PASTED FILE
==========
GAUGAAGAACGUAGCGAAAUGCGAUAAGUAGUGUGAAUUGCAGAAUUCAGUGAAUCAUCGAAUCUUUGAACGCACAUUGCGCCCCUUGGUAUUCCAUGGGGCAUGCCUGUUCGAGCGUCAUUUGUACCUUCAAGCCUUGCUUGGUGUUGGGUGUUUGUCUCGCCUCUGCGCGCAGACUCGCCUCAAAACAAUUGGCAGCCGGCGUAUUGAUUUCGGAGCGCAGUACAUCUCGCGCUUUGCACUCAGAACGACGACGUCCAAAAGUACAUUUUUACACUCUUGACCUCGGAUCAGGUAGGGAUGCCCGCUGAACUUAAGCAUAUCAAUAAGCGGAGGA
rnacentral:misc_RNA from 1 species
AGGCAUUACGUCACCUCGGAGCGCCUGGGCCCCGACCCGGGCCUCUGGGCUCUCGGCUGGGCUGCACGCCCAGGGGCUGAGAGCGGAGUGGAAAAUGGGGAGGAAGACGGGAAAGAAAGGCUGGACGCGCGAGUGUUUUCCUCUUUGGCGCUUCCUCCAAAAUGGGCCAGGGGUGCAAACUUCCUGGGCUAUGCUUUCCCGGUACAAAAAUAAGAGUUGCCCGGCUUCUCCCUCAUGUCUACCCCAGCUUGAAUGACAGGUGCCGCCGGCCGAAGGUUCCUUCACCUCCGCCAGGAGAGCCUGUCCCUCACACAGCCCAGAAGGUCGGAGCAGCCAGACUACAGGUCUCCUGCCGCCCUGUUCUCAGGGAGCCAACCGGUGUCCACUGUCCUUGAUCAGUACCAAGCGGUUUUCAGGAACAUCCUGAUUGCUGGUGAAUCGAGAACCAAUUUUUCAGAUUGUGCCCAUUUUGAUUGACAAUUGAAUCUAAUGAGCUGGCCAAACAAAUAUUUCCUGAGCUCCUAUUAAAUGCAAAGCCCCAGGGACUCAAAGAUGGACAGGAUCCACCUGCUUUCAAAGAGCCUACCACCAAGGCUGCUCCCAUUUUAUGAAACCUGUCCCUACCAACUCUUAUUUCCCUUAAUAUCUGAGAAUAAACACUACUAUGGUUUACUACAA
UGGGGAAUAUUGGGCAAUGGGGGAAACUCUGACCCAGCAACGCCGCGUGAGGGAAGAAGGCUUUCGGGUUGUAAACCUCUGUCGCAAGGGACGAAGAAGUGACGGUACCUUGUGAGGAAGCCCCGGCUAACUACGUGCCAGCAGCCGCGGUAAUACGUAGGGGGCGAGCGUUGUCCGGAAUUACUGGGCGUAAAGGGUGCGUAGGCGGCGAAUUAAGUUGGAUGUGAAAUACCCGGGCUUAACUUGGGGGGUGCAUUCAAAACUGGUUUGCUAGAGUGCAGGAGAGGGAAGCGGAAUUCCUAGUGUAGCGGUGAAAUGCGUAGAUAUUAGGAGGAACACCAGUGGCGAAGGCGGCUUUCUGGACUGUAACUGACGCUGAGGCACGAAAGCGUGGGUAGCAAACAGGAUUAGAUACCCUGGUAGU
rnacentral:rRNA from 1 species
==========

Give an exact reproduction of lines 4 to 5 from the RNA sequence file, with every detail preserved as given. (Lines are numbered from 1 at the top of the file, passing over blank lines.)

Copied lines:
UGGGGAAUAUUGGGCAAUGGGGGAAACUCUGACCCAGCAACGCCGCGUGAGGGAAGAAGGCUUUCGGGUUGUAAACCUCUGUCGCAAGGGACGAAGAAGUGACGGUACCUUGUGAGGAAGCCCCGGCUAACUACGUGCCAGCAGCCGCGGUAAUACGUAGGGGGCGAGCGUUGUCCGGAAUUACUGGGCGUAAAGGGUGCGUAGGCGGCGAAUUAAGUUGGAUGUGAAAUACCCGGGCUUAACUUGGGGGGUGCAUUCAAAACUGGUUUGCUAGAGUGCAGGAGAGGGAAGCGGAAUUCCUAGUGUAGCGGUGAAAUGCGUAGAUAUUAGGAGGAACACCAGUGGCGAAGGCGGCUUUCUGGACUGUAACUGACGCUGAGGCACGAAAGCGUGGGUAGCAAACAGGAUUAGAUACCCUGGUAGU
rnacentral:rRNA from 1 species